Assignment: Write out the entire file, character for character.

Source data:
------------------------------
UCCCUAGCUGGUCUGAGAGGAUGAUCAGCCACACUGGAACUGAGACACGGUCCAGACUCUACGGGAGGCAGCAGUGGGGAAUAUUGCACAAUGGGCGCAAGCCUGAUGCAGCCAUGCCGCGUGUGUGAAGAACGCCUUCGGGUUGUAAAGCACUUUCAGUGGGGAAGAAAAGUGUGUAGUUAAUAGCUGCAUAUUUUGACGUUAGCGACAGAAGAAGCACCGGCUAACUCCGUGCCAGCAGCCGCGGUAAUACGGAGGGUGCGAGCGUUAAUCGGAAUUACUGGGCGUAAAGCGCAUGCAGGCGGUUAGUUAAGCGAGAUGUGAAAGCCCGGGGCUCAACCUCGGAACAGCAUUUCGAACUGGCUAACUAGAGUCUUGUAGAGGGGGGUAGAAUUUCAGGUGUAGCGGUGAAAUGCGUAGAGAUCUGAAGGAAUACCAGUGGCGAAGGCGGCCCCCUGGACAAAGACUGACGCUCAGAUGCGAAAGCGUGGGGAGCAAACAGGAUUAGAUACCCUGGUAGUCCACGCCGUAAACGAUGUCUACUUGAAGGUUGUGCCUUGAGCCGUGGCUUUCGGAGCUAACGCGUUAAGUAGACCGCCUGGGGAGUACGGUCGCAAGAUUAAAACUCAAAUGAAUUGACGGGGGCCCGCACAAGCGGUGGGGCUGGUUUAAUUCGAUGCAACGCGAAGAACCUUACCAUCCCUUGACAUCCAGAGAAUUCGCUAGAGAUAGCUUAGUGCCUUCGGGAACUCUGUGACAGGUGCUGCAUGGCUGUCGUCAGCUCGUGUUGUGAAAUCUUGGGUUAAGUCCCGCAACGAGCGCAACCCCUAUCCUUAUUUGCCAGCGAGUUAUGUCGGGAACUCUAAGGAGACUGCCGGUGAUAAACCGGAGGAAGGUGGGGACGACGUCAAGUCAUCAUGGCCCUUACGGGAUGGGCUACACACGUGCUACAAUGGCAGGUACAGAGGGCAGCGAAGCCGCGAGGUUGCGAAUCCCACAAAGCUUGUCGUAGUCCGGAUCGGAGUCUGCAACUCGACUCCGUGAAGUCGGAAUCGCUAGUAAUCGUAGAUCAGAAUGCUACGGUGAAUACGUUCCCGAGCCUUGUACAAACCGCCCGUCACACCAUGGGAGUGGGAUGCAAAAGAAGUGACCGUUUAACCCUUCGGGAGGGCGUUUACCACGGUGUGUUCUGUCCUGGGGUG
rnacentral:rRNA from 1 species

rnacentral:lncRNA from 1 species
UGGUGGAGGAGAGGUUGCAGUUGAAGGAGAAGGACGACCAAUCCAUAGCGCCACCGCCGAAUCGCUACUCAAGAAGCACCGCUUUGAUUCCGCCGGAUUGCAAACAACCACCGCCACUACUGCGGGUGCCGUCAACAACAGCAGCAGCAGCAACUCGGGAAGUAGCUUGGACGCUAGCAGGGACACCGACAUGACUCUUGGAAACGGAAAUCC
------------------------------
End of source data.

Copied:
UCCCUAGCUGGUCUGAGAGGAUGAUCAGCCACACUGGAACUGAGACACGGUCCAGACUCUACGGGAGGCAGCAGUGGGGAAUAUUGCACAAUGGGCGCAAGCCUGAUGCAGCCAUGCCGCGUGUGUGAAGAACGCCUUCGGGUUGUAAAGCACUUUCAGUGGGGAAGAAAAGUGUGUAGUUAAUAGCUGCAUAUUUUGACGUUAGCGACAGAAGAAGCACCGGCUAACUCCGUGCCAGCAGCCGCGGUAAUACGGAGGGUGCGAGCGUUAAUCGGAAUUACUGGGCGUAAAGCGCAUGCAGGCGGUUAGUUAAGCGAGAUGUGAAAGCCCGGGGCUCAACCUCGGAACAGCAUUUCGAACUGGCUAACUAGAGUCUUGUAGAGGGGGGUAGAAUUUCAGGUGUAGCGGUGAAAUGCGUAGAGAUCUGAAGGAAUACCAGUGGCGAAGGCGGCCCCCUGGACAAAGACUGACGCUCAGAUGCGAAAGCGUGGGGAGCAAACAGGAUUAGAUACCCUGGUAGUCCACGCCGUAAACGAUGUCUACUUGAAGGUUGUGCCUUGAGCCGUGGCUUUCGGAGCUAACGCGUUAAGUAGACCGCCUGGGGAGUACGGUCGCAAGAUUAAAACUCAAAUGAAUUGACGGGGGCCCGCACAAGCGGUGGGGCUGGUUUAAUUCGAUGCAACGCGAAGAACCUUACCAUCCCUUGACAUCCAGAGAAUUCGCUAGAGAUAGCUUAGUGCCUUCGGGAACUCUGUGACAGGUGCUGCAUGGCUGUCGUCAGCUCGUGUUGUGAAAUCUUGGGUUAAGUCCCGCAACGAGCGCAACCCCUAUCCUUAUUUGCCAGCGAGUUAUGUCGGGAACUCUAAGGAGACUGCCGGUGAUAAACCGGAGGAAGGUGGGGACGACGUCAAGUCAUCAUGGCCCUUACGGGAUGGGCUACACACGUGCUACAAUGGCAGGUACAGAGGGCAGCGAAGCCGCGAGGUUGCGAAUCCCACAAAGCUUGUCGUAGUCCGGAUCGGAGUCUGCAACUCGACUCCGUGAAGUCGGAAUCGCUAGUAAUCGUAGAUCAGAAUGCUACGGUGAAUACGUUCCCGAGCCUUGUACAAACCGCCCGUCACACCAUGGGAGUGGGAUGCAAAAGAAGUGACCGUUUAACCCUUCGGGAGGGCGUUUACCACGGUGUGUUCUGUCCUGGGGUG
rnacentral:rRNA from 1 species

rnacentral:lncRNA from 1 species
UGGUGGAGGAGAGGUUGCAGUUGAAGGAGAAGGACGACCAAUCCAUAGCGCCACCGCCGAAUCGCUACUCAAGAAGCACCGCUUUGAUUCCGCCGGAUUGCAAACAACCACCGCCACUACUGCGGGUGCCGUCAACAACAGCAGCAGCAGCAACUCGGGAAGUAGCUUGGACGCUAGCAGGGACACCGACAUGACUCUUGGAAACGGAAAUCC